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. Last Updated: 07/27/2016

Russian Companies Bid For Bankrupt Fokker


The bankrupt Dutch aircraft manufacturer Fokker NV said Friday that Russian aviation companies Tupolev and Yakovlev had offered about $240 million to buy parts of its failed operations.

"An amount of money has been offered, but we still have to discuss the conditions with them," said Leo Steijn, a spokesman for the receivers now running Fokker. "It doesn't just take money, but a good business plan which is mutually agreeable."

Fokker has confirmed receiving numerous offerings for pieces of the company, but has emphasized that all would have to be studied carefully before any deals were made.

Officials reached Friday at the Moscow offices of Yakovlev and Tupolev declined to comment on the report or said they doubted that the companies -- themselves in dire financial straits -- had so much money to invest.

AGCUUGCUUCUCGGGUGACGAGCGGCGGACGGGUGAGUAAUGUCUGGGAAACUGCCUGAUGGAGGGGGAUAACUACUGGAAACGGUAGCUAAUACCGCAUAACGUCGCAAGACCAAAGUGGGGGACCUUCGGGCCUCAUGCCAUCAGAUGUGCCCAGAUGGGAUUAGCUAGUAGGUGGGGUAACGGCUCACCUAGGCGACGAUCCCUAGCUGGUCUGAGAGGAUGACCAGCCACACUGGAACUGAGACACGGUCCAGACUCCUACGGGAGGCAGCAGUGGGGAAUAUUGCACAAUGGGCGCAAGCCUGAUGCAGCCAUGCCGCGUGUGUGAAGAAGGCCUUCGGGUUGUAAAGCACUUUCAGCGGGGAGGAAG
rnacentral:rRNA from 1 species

"Too good to be true," said an official at Tupolev, who did not wish to be identified.

The spokesman for the State Committee of Defense Industries, Yury Chervakov, said Russia's aviation companies "could not even dream of any investments abroad."

But other committee sources, who did not want to be identified, confirmed that there had been negotiations regarding Fokker. They would not provide details.

An independent aviation consultant, Paul Duffy, said Russian companies could be interested in Fokker's computer and production facilities, as well as 50- to 100-seat passenger-planes sector, which is Yakovlev's field.

Some experts also said Yakovlev, once a major maker of warplanes, could be interested in Fokker's fighter production. Duffy said, however, that he doubted the Dutch government would agree to sell any military-related operations to the Russians.

Fokker's bourse-listed holding company and two aircraft assembly units went bankrupt March 15, costing 5,600 staff their jobs in the largest mass layoffs in Dutch corporate history.

Fokker's problems came to a head last August when it disclosed a record loss of 460 million guilders ($277.3 million), a loss brought on by sluggish demand, unfavorable exchange rates and maybe more importantly high production costs. ()